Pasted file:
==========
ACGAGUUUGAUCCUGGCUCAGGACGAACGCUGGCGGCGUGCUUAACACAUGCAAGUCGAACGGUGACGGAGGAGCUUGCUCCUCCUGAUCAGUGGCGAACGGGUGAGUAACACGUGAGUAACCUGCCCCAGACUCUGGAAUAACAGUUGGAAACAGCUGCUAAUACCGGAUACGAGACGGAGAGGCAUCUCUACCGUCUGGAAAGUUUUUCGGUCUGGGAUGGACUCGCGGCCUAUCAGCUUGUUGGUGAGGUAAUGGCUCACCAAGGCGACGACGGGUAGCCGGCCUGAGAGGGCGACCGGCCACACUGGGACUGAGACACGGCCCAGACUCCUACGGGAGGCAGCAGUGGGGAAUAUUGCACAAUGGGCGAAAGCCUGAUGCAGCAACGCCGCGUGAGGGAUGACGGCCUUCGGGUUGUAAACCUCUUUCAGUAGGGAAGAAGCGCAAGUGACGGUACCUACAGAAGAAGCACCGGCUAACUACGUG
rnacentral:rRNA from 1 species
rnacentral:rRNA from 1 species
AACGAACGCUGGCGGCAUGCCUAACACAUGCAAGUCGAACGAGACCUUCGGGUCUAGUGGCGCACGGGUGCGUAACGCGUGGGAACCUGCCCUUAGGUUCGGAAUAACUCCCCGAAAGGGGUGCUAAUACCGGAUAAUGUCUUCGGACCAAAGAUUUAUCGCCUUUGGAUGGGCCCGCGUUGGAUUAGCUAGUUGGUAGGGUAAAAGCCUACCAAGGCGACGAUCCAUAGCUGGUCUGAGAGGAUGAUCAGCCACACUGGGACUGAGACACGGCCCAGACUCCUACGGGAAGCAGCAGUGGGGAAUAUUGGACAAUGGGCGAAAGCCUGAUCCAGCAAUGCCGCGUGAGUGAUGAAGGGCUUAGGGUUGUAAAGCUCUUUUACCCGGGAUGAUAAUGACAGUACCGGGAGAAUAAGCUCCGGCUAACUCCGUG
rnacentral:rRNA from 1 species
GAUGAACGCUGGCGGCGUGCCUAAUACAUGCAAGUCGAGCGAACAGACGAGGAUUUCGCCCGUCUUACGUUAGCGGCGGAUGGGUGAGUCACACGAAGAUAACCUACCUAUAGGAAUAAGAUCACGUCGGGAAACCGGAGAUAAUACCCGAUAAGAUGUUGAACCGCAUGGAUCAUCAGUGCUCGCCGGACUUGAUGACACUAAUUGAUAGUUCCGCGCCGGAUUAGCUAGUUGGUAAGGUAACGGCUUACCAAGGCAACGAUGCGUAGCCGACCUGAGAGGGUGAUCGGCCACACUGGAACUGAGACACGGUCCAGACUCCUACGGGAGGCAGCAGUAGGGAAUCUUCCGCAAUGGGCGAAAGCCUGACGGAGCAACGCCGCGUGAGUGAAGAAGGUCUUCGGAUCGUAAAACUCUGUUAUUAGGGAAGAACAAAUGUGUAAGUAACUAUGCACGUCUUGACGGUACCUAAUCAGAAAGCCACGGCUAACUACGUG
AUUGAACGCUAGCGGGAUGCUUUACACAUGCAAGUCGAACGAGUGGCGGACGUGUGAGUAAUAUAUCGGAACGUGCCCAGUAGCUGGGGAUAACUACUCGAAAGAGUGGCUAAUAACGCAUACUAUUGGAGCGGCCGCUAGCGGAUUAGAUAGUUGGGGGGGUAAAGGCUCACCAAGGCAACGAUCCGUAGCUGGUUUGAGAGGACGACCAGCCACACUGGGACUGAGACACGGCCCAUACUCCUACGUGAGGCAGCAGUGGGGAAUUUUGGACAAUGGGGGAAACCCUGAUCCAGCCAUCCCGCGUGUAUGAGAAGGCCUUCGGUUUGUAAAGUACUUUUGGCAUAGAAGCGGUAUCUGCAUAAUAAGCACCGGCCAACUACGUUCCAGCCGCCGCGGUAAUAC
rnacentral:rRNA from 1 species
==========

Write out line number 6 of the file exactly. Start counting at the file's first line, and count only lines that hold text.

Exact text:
GAUGAACGCUGGCGGCGUGCCUAAUACAUGCAAGUCGAGCGAACAGACGAGGAUUUCGCCCGUCUUACGUUAGCGGCGGAUGGGUGAGUCACACGAAGAUAACCUACCUAUAGGAAUAAGAUCACGUCGGGAAACCGGAGAUAAUACCCGAUAAGAUGUUGAACCGCAUGGAUCAUCAGUGCUCGCCGGACUUGAUGACACUAAUUGAUAGUUCCGCGCCGGAUUAGCUAGUUGGUAAGGUAACGGCUUACCAAGGCAACGAUGCGUAGCCGACCUGAGAGGGUGAUCGGCCACACUGGAACUGAGACACGGUCCAGACUCCUACGGGAGGCAGCAGUAGGGAAUCUUCCGCAAUGGGCGAAAGCCUGACGGAGCAACGCCGCGUGAGUGAAGAAGGUCUUCGGAUCGUAAAACUCUGUUAUUAGGGAAGAACAAAUGUGUAAGUAACUAUGCACGUCUUGACGGUACCUAAUCAGAAAGCCACGGCUAACUACGUG